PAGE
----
The “tudum” sound is going to cost Netflix subscribers a bit more in the coming year. Ad Week reports the global streaming service will implement a price hike for its U.S. and Canadian users. This is the second price hike within two years for the streaming platform that tallied 214 million total subscribers in October of last year.
According to Ad Week, the monthly subscription changes will go into effect for current users within the coming weeks, depending on individuals’ payment schedules. For the United States, users with the basic plan will see a dollar increase from $9 to $10 a month. The basic plan includes the ability to stream on one single device. The standard plan will climb to $15.49 from its current $14 price. This allows users to stream on up to two devices simultaneously. And the top-tier premium plan, which allows streaming on four devices, will increase a full two dollars to $20. Premium also streams in 4K and Ultra HD where available.
In Canada, Ad Week confirms the standard and premium packages will increase to $16.49 and $20.99, respectively. The basic plan will remain unchanged.
The last price increase occurred in October of 2020 with similar increments for each plan. However, the basic plan had not changed. At almost $16, the standard tier is now more than HBO Max’s ad-free option, which rests at a solid $15.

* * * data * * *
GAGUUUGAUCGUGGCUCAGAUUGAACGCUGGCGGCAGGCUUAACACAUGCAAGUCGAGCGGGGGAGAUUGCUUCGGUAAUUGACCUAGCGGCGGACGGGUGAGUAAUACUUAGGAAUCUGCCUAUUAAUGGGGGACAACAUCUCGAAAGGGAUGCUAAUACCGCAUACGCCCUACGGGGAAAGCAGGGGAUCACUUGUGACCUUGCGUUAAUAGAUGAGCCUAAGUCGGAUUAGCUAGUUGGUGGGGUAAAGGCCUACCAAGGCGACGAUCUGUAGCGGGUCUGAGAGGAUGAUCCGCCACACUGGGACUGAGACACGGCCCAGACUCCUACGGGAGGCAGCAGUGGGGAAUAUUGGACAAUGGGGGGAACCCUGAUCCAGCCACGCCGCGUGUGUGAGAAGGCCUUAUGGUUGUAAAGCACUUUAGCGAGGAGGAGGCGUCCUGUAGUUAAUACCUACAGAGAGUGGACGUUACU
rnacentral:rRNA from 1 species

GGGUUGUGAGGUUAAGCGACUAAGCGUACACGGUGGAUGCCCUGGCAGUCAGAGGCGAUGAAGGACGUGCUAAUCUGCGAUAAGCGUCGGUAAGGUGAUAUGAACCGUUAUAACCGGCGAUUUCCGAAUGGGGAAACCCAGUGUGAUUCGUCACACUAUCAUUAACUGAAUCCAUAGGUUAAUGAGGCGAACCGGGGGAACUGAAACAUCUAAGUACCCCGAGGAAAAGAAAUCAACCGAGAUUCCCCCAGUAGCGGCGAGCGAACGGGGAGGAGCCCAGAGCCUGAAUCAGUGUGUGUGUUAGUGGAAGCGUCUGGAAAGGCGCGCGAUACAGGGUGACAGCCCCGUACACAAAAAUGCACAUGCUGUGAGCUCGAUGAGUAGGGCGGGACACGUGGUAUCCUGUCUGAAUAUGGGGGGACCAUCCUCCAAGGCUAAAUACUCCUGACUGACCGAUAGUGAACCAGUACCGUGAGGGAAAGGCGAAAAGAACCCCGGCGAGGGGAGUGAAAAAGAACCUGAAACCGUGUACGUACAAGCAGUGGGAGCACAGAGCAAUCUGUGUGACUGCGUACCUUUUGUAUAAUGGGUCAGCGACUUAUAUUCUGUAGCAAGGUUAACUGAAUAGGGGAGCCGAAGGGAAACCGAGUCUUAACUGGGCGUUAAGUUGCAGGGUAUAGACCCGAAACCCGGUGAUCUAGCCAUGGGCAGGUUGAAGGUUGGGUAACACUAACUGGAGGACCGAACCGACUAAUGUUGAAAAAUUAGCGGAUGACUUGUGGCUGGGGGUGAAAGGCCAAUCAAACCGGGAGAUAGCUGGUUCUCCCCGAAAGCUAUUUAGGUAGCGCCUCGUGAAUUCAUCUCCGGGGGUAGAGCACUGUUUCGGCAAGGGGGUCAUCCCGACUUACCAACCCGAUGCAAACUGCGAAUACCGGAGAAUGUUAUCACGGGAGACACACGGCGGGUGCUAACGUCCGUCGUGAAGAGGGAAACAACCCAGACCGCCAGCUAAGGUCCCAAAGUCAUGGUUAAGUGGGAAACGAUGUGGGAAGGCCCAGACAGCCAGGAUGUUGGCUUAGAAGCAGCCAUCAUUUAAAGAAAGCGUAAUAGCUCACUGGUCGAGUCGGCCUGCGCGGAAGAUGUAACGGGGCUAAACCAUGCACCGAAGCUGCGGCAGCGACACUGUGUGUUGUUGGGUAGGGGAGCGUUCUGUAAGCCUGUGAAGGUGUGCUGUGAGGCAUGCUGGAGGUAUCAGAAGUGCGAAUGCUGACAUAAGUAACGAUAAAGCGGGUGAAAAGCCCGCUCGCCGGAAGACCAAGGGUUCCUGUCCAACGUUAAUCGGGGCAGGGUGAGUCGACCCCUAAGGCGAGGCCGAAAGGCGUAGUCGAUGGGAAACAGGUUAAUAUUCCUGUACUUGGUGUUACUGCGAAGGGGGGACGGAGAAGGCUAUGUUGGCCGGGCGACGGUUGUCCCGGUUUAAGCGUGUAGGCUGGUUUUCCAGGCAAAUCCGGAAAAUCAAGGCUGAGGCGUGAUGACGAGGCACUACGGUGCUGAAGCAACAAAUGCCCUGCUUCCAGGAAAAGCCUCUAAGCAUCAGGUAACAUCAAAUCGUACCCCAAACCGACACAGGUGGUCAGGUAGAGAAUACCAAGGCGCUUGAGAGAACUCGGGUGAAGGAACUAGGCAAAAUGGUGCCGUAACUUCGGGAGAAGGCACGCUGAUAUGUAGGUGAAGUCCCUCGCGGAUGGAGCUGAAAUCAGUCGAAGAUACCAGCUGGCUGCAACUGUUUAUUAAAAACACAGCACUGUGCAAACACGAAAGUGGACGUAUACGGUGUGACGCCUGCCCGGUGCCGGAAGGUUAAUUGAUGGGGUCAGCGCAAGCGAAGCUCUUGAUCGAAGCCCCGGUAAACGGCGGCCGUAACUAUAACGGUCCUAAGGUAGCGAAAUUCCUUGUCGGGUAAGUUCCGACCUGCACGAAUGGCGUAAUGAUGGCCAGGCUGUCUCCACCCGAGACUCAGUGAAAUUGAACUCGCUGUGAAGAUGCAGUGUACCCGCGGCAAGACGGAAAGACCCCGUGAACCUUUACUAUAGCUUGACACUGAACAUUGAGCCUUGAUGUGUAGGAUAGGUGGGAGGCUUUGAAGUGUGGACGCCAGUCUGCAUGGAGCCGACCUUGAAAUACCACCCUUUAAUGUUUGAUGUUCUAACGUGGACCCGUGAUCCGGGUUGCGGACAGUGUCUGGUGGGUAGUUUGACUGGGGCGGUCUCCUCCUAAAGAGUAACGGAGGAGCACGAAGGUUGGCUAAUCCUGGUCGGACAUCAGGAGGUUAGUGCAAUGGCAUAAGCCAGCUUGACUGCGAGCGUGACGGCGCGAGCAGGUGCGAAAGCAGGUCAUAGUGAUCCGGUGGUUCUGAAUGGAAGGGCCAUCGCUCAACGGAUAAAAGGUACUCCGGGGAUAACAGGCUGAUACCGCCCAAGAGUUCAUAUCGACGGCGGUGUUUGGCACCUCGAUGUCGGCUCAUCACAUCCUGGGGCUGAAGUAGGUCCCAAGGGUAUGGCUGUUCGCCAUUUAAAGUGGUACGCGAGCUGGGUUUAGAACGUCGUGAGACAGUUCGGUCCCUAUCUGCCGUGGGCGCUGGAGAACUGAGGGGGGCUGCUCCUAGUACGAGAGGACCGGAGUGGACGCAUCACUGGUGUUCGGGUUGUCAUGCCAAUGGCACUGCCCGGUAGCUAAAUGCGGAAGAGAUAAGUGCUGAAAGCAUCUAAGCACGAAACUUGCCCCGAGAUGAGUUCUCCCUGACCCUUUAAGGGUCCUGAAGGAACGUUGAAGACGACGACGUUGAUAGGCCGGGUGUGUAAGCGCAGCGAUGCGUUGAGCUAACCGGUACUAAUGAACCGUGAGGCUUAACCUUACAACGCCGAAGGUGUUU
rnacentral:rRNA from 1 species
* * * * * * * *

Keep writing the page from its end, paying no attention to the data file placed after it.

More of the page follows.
“We understand people have more entertainment choices than ever and we’re committed to delivering an even better experience for our members,” a spokesperson for Netflix told Deadline. “We’re updating our prices so that we can continue to offer a wide variety of quality entertainment options. As always we offer a range of plans so members can pick a price that works for their budget.”
According to Ad Week, Netflix remains the top-used streaming platform of choice, with at least 100M more subscribers than the next competitor. However, they did experience a snag in growth, partially due to the extreme hindrances the COVID-19 pandemic placed on Hollywood productions across the industry. They saw a 9.4% increase in subscribers in the past year. While good, it does not compare to the pre-pandemic spike of 23.3% they witnessed in 2020.